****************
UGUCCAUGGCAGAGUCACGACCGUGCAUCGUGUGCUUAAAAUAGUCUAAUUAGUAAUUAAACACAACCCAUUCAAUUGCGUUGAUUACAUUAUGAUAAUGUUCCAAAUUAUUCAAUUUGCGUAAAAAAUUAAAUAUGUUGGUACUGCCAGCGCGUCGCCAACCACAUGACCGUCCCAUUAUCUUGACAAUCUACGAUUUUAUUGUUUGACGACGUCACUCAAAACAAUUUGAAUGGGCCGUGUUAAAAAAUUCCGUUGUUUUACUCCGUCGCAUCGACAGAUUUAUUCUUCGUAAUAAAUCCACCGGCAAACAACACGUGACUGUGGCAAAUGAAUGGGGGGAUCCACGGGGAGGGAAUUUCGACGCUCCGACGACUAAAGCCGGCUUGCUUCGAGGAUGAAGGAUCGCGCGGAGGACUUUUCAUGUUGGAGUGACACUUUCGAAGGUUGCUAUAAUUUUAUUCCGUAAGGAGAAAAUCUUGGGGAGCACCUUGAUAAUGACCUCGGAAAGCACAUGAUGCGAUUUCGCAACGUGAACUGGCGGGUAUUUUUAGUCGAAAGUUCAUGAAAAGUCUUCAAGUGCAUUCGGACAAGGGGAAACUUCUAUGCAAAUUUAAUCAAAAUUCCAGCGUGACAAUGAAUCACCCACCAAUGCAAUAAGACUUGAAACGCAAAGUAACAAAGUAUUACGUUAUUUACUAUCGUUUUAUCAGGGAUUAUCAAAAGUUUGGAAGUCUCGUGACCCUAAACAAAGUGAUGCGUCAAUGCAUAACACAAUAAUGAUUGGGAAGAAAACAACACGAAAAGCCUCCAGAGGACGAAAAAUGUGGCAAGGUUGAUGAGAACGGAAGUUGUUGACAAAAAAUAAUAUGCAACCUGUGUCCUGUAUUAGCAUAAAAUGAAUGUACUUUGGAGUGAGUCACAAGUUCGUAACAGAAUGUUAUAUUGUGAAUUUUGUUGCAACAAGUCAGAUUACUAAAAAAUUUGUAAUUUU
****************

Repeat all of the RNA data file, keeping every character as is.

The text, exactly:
UGUCCAUGGCAGAGUCACGACCGUGCAUCGUGUGCUUAAAAUAGUCUAAUUAGUAAUUAAACACAACCCAUUCAAUUGCGUUGAUUACAUUAUGAUAAUGUUCCAAAUUAUUCAAUUUGCGUAAAAAAUUAAAUAUGUUGGUACUGCCAGCGCGUCGCCAACCACAUGACCGUCCCAUUAUCUUGACAAUCUACGAUUUUAUUGUUUGACGACGUCACUCAAAACAAUUUGAAUGGGCCGUGUUAAAAAAUUCCGUUGUUUUACUCCGUCGCAUCGACAGAUUUAUUCUUCGUAAUAAAUCCACCGGCAAACAACACGUGACUGUGGCAAAUGAAUGGGGGGAUCCACGGGGAGGGAAUUUCGACGCUCCGACGACUAAAGCCGGCUUGCUUCGAGGAUGAAGGAUCGCGCGGAGGACUUUUCAUGUUGGAGUGACACUUUCGAAGGUUGCUAUAAUUUUAUUCCGUAAGGAGAAAAUCUUGGGGAGCACCUUGAUAAUGACCUCGGAAAGCACAUGAUGCGAUUUCGCAACGUGAACUGGCGGGUAUUUUUAGUCGAAAGUUCAUGAAAAGUCUUCAAGUGCAUUCGGACAAGGGGAAACUUCUAUGCAAAUUUAAUCAAAAUUCCAGCGUGACAAUGAAUCACCCACCAAUGCAAUAAGACUUGAAACGCAAAGUAACAAAGUAUUACGUUAUUUACUAUCGUUUUAUCAGGGAUUAUCAAAAGUUUGGAAGUCUCGUGACCCUAAACAAAGUGAUGCGUCAAUGCAUAACACAAUAAUGAUUGGGAAGAAAACAACACGAAAAGCCUCCAGAGGACGAAAAAUGUGGCAAGGUUGAUGAGAACGGAAGUUGUUGACAAAAAAUAAUAUGCAACCUGUGUCCUGUAUUAGCAUAAAAUGAAUGUACUUUGGAGUGAGUCACAAGUUCGUAACAGAAUGUUAUAUUGUGAAUUUUGUUGCAACAAGUCAGAUUACUAAAAAAUUUGUAAUUUU